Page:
The Green Worm of Envy

Patheos Blog

The Green Worm of Envy

Published by Michael Novak March 13, 2015 at

Seventy-one percent of Americans told pollsters two things last week: first, that the middle class in this country is paying far too heavy a load of all income taxes. This first point is dead on. The IRS reports that the top 50 percent of income earners paid over 97 percent of all income taxes. A pretty hefty burden, indeed.

That there are many who need help is partly understandable. Think of the scores of millions of elderly, disabled, young unmarried mothers and their children, and the millions currently out of work. Not much in income taxes to be collected there. So, okay, the top half is carrying the lower half. Not such an un-Christian thing to do. It is, in secular terms, a humanistic thing to do.

But the people also told pollsters that “the rich” were paying too little. I have found in all the jobs I’ve ever held that no one (except some Board members who are CEOs) ever thinks they are included in “the rich.” When they say “rich” they mean people who earn more than they do.

Well, in recent years, face it: If you earn more than $175,817, you are in the top 5 percent. The IRS reports that this relatively small circle – 5 percent – pay 59 percent of all income taxes paid. Wow! Five percent pays 59 percent of all federal income taxes. That leaves only 41 percent of income taxes for the next 45 percent of us to pay (if the top half is carrying the bottom).… Forty-five percent to pay 41 percent. Unfair? Fair enough?

The top 5 percent – professional athletes, Hollywood producers and actors, heirs, inventors, investors in start-up companies and new ideas for products, the top business executives, a few bestselling authors, etc. – pay 59 percent of all federal income taxes. They receive a ton of income, they should pay a ton of taxes. And they do.

I find it helpful to keep a little chart in front of me to refresh my aging memory:

Bottom 50 percent (< $36,055): pays 3 percent (or a bit less). Top 50 percent (> $36,055): pays 97 percent. Top 25 percent (> $73,354): pays 87 percent. Top 10 percent (> $125,195): pays 70 percent. Top 1 percent (> $434,682): pays 38 percent.

I have always hated the sin of envy. My family suffered from the envy of others from early on, but not because we were wealthy. We were dirt poor – immigrant children of the mines and mills of soft coal country in Pennsylvania. But my dad was brainy, imaginative, a born leader, and taught us all to work our butts off. Immigrant envy of those a bit more successful is a painful thing when you are young.

My dad taught us not to envy the rich, since they are doomed to unhappy lives. Why? Because if you are rich enough to have what you want, he said, you have no one to blame but yourself for any unhappiness you experience. And you can count on plenty of that in every life. My dad did not believe in equality, he believed in excellence. In that race, those born poor can beat the rich.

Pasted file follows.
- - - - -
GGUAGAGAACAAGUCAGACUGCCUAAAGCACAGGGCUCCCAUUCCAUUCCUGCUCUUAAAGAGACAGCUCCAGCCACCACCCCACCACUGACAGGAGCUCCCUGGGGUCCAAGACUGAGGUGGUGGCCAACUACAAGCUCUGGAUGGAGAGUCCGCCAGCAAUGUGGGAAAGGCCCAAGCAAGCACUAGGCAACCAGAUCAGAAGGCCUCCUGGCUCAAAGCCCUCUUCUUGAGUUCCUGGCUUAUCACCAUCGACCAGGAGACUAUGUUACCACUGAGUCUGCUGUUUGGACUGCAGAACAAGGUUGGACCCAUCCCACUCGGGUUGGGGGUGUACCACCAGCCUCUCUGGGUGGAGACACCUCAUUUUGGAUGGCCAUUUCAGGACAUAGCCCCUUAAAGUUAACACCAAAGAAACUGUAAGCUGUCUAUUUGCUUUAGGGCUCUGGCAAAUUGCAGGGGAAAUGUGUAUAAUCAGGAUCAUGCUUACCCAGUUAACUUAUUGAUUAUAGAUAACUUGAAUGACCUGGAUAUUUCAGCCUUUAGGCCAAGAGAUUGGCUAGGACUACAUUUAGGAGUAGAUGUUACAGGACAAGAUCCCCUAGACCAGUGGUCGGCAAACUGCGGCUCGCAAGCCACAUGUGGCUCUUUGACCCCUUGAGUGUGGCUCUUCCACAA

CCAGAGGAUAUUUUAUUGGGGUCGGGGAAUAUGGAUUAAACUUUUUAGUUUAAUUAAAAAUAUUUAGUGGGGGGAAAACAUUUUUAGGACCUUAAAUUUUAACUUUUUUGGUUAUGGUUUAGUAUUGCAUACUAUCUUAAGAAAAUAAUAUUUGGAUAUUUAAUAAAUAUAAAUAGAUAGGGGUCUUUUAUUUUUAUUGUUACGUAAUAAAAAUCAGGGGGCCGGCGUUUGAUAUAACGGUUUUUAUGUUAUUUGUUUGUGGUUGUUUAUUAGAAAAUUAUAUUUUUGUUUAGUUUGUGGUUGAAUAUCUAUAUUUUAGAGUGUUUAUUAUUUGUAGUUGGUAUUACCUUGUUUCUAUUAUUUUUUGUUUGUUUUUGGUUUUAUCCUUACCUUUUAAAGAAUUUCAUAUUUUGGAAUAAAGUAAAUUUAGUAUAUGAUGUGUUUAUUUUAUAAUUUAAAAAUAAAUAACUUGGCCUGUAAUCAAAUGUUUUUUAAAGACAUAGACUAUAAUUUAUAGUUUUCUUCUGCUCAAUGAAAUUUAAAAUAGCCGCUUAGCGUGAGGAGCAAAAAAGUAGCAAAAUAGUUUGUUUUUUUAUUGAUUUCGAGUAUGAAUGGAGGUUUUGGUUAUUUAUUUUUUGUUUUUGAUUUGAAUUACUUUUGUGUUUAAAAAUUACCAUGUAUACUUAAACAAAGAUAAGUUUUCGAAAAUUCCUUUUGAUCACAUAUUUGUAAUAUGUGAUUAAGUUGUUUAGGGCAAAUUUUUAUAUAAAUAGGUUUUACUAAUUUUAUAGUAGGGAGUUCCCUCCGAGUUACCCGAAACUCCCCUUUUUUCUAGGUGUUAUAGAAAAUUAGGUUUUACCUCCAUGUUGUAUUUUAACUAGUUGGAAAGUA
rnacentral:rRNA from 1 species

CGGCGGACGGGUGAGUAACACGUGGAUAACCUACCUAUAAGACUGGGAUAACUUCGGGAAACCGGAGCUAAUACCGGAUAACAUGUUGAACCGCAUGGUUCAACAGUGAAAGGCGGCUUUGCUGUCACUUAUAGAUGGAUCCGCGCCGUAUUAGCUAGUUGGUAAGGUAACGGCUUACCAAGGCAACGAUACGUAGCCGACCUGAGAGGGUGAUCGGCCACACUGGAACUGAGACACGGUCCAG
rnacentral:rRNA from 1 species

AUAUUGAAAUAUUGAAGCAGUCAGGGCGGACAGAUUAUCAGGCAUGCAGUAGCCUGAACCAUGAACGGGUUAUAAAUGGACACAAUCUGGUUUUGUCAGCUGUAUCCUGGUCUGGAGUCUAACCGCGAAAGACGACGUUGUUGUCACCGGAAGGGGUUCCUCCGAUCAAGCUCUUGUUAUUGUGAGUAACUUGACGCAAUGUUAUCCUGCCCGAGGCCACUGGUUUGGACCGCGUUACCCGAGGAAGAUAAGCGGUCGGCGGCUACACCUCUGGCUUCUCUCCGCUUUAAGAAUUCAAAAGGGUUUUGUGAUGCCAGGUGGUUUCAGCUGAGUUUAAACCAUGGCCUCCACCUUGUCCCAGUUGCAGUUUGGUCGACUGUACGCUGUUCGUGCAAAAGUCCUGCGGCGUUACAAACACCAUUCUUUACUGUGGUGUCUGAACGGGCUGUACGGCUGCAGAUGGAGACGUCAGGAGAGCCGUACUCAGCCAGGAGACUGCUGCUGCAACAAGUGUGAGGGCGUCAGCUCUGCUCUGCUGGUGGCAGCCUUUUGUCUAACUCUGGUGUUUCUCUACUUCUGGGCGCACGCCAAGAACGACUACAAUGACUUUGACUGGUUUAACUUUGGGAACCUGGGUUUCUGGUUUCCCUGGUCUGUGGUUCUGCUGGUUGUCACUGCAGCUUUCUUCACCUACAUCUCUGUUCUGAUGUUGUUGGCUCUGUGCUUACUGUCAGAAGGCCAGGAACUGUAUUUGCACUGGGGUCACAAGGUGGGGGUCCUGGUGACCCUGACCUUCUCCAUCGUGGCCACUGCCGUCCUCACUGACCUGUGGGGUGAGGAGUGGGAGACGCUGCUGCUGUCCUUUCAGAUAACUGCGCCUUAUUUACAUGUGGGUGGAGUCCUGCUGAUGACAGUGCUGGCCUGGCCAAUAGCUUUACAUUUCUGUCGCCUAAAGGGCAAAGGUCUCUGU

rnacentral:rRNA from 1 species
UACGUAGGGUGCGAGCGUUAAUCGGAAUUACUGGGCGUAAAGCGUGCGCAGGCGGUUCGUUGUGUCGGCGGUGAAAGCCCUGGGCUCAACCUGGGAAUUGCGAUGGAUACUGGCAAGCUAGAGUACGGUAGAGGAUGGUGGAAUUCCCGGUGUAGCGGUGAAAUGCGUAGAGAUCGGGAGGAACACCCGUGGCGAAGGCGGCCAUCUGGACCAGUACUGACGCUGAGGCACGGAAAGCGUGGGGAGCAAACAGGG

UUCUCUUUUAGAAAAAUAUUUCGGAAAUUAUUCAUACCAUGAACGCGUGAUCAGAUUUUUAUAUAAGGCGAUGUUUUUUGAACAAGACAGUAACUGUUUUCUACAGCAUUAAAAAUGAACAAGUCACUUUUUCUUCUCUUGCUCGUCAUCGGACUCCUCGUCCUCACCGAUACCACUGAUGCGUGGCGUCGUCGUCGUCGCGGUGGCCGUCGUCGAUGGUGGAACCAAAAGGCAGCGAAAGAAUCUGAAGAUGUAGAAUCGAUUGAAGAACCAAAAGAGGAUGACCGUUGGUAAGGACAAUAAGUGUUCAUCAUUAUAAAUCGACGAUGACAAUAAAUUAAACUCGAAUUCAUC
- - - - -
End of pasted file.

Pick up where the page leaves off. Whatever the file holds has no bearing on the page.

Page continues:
From the American Founders, I first learned to despise “utopic thinkers” – and “equality of outcomes” – for intellectual reasons. Madison warned sternly against the utopic thinkers (probably meaning Rousseau), and called equality (of outcomes) a “wicked project.” As I studied Catholic thought for some fifteen years, I saw reasons for its being a hierarchical Church, for resisting egalitarianism, for meditating on how the Lord God did not endow individuals equally (not even in the same extended family). He did not endow the nations of the world with the same natural riches, or geographic advantages, or traditions (undeserved) of virtue and learning and artistic talent.

God is no egalitarian. Nature is blessedly full of variety and “dappled things.”

I read in awe as a young man Leo XIII’s condemnations of the ideal of equality in Rerum Novarum. He said all socialist preaching of equality was against nature, evil, and in vain. He praised the civilizing glories of God-given inequalities of talent, aspiration, and character:

It must be first of all recognized that . . . it is impossible to reduce civil society to one dead level. Socialists may in that intent do their utmost, but all striving against nature is in vain. There naturally exist among mankind manifold differences of the most important kind; people differ in capacity, skill, health, strength; and unequal fortune is a necessary result of unequal condition. (RN, 17)

Again, as assiduous students during their ambassadorial posts in Britain and France, Adams, Franklin, and Jefferson studied the twin evils both of inequalities by birth and station and of the “wicked project” of leveling, whose ultimate symbol is the guillotine. Our Founders faced a weighty historical question: Why did almost all republics in history end quickly? Their conclusion? Envy brought them down. The early republics were nests of envy – between sections of cities, rival dynasties, and bitter personal competitors.

They thought the more creative path for a freshly born republic, conceived in liberty, as Lincoln put it, and dedicated to the proposition that all men are created equal, is not “equality” but something quite different: the path of opportunity, liberty to pursue one’s own dreams and personal talents, and personal creativity in serving the common good. Envy is negative. These are positives.

Envy is a more destructive social vice than hatred. It tears apart, pulls away, brings down. It is neither creative nor respectful of disparate outcomes within free societies. Many necessary disparities, as Leo XIII emphasizes, are socially beneficial. As when persons of vastly diverse talents find satisfaction in the work they take up, not envying the work or the rewards of others.